China decides to grade its stinky restrooms
BEIJING — Want a job? In China you can apply to become a “stink assessor” for the country's notoriously noxious public restrooms.
Applicants for such a position should be younger than 30, have no history of nasal disease and avoid tobacco, pungent food and drink before and during the assessment, the country's ministry of health announced last week.
Wang Gang, who is 50 and a heavy smoker, was ready to offer an opinion about a neighborhood restroom. He classified the facility as hitting the fourth and worst stench level — “intense foul smell” — on draft standards for restrooms nationwide.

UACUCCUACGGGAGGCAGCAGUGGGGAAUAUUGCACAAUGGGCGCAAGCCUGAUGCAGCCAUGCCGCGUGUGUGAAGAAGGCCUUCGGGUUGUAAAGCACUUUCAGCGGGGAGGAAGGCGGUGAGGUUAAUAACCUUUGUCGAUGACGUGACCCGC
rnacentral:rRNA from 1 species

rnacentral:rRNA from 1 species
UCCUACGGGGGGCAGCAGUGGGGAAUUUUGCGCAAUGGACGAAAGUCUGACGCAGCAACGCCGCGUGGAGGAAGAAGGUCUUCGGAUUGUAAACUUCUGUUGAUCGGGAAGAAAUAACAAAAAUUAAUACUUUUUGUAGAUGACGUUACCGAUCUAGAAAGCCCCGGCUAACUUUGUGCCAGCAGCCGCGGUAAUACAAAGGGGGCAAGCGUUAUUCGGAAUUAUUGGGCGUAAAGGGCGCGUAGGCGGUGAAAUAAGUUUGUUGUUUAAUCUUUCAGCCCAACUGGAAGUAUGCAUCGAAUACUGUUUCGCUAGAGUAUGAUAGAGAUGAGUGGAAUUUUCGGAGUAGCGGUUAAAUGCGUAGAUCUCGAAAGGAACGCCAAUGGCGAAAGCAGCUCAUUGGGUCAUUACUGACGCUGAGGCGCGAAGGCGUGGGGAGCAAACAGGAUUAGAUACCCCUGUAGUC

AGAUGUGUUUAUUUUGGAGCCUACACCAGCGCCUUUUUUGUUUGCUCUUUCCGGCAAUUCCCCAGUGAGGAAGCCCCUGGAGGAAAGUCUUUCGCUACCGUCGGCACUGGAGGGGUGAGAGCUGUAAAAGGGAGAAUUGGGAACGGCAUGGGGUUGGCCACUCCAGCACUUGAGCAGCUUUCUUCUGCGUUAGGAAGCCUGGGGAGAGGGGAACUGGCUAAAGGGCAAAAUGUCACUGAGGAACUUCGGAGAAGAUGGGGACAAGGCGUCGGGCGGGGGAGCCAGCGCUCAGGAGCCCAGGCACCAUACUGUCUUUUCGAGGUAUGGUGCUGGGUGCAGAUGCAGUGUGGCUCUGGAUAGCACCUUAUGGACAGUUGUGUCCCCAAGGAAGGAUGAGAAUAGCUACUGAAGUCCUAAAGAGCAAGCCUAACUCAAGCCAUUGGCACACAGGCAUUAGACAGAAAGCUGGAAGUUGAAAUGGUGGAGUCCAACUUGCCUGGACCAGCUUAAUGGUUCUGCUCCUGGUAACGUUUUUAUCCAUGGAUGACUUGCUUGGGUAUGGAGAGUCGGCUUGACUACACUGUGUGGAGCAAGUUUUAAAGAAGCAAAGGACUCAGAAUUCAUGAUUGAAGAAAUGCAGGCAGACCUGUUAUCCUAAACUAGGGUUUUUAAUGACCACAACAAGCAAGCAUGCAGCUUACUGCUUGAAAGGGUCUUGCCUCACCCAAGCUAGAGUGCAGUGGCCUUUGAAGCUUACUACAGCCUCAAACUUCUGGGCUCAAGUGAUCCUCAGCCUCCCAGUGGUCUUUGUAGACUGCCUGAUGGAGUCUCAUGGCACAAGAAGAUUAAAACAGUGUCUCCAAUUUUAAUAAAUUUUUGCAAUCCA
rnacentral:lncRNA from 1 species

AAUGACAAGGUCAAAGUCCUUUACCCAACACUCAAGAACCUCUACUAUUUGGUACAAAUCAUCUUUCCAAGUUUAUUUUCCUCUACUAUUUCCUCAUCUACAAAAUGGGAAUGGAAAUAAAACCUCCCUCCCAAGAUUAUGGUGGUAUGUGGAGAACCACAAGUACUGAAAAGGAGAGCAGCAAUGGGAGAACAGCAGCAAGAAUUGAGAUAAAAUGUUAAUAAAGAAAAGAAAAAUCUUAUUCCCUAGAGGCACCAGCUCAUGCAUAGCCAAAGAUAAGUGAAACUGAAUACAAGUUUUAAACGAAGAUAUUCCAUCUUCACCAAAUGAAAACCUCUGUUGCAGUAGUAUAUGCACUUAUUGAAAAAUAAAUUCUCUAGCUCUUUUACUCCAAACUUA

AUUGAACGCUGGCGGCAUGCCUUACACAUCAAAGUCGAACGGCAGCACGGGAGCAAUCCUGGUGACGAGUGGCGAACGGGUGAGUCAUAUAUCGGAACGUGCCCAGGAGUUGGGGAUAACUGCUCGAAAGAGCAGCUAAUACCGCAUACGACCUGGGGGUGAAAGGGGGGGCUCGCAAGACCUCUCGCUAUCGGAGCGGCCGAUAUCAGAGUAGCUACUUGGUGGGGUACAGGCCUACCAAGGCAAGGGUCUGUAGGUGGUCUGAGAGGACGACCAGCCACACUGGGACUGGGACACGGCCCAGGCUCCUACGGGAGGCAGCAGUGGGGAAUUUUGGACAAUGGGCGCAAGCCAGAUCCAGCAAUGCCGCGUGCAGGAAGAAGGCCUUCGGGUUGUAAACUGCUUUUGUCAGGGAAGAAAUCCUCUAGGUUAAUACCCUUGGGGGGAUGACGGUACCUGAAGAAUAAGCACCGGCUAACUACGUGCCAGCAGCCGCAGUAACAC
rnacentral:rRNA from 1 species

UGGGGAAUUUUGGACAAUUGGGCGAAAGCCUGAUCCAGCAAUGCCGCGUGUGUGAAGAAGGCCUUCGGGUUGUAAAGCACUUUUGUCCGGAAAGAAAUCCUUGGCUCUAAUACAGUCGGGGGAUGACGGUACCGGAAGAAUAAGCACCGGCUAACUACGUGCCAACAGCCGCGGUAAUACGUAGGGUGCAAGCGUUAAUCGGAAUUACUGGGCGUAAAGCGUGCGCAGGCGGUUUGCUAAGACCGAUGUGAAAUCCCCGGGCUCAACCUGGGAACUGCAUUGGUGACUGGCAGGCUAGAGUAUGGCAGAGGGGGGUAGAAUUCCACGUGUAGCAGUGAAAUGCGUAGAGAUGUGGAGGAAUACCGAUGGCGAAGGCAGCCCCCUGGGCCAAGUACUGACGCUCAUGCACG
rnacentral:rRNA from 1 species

The rules —issued on Thursday for public feedback before they are enforced — specify the number of flies permitted: three per square meter in a stand-alone toilet and just one per square meter in a toilet room inside another building. As for maggots — zero tolerance.
Communist authorities value statistics, and the classification and precise targets attracted ridicule on Friday online in China, along with disbelief that the standards could be enforced. But there is little doubt they are needed.
Despite clear improvement in Beijing's facilities for the 2008 Olympics, Wang's local restroom has two holes in the ground without a partition, and there are no wash basins.
“It's better than before, but the bathroom is very over-used as there are few in this neighborhood, so it's very smelly,” said Wang in Lishi Hutong, an alley of one-story structures in Beijing's historic heart, where many families lack their own bathrooms.
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